What then is Plato’s conception of the problem of justice, according to Strauss? Justice in the fullest sense comes to sight, in what men say about it, as an object of aspiration; as the “common good” which binds men together in mutual dedication in a political community. Most of the time, to be sure, the concern with justice is limited to much more partial questions about mine and thine. But these questions depend on some implicit answer, however imprecise, to the question of the overriding purposes of the community. These highest goals cannot be adequately defined in terms of the requirements which are ubiquitous in social life and which, for this reason as well as because of their urgency, present themselves as at first sight the most reasonable candidates for primacy-viz., the needs for physical comfort and safety. Man is such a being as cannot orient himself merely by the good, understood as what is useful for survival, health, and material ease. He is always aware of sacred restraints on the means he may employ to pursue these needs; what is more, he is aware that it is sometimes necessary, nay, praiseworthy and admirable, to relinquish or sacrifice the satisfaction of these needs. The choice of means, and the capacity for sacrifice, is dictated by the human concern for virtue or excellence. The virtues are indeed useful, for the pursuit of the mundane goals mentioned; but they are also valued as ends in themselves. They are honored as being noble. It is this dimension of what man values-the noble, the estimable or precious that cannot be reduced to the good or useful-which displays man’s peculiarly moral mode of being. It is no accident that in Greek the word for noble (kalon)designates at the same time “beautiful.” The noble and the beautiful originally belong together. We experience the noble as preeminently deserving of or calling for adornment and enshrinement; and the decorative or “aesthetically” pleasing we experience as in need of a seriousness which it finds only in association with the noble. Hence the kalon comes into its own in the works of the artists, and especially the poets: the demiourgoi, the “public workers” of the highest order. It is there that a people sees in the least fleeting and least nebulous way what kinds of human beings it reveres. Nevertheless, the peculiar luminosity of the virtues as they appear in the “imitations” of the artists does not necessarily promote a clear account of the noble. It remains much easier to point to particular instances of the noble or virtuous than to explain what the noble as such is; and the noble is never free for long from controversy. The source of the dispute is usually not doubt as to whether the virtues exist, or even what they are in general: there is remarkably broad agreement on the nobility of attributes such as courage, generosity, wisdom, law-abidingness, and so on. Battles tend to develop rather over the specifications, and, what is graver, the relative ranking of the virtues (e.g., the virtues of war vs. those of peace; humility vs. pride; generosity and love of leisure vs. thrift and industry). These quarrels mingle with, at once elevating and intensifying, the more frequent causes of discord arising from competition for scarce resources. The disputes thus become, in more concrete terms, disputes over the superiority of distinct human types or classes and their claims to highest moral and political authority: priests, soldiers, merchants, small farmers, gentry, lawyers, wage laborers, etc., vie for preponderance in the political order. Insofar as each of these factions possesses a comprehensive vision of the proper distribution of goods and the ordering of the ways of life in the whole community, each is understood, in Platonic terms, to represent a specific “regime” (politeia). The conflicts among the various “regimes” are the decisive conflicts at the root of all political life; and it is the aim of Platonic political philosophy in the narrow or strict sense to arbitrate these conflicts.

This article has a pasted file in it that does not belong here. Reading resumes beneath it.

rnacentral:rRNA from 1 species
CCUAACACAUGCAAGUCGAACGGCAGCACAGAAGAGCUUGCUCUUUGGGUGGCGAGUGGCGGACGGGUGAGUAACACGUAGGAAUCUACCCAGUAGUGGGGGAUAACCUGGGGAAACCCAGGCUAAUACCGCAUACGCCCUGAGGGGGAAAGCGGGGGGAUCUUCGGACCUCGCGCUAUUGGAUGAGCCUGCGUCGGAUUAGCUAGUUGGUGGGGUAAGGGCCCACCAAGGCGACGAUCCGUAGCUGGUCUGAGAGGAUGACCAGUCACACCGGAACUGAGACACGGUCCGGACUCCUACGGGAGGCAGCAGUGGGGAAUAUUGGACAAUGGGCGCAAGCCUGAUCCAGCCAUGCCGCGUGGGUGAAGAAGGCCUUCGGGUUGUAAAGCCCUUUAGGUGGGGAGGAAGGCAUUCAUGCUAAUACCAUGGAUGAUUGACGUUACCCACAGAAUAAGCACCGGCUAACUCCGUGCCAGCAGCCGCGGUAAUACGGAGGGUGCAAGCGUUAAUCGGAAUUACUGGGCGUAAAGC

It does so chiefly by setting forth a single standard, the “best regime by nature,” in the light of which the competing regimes that emerge in history can be judged, categorized, and-in favorable circumstances-“mixed” in judicious compromises. (pp. 6-7)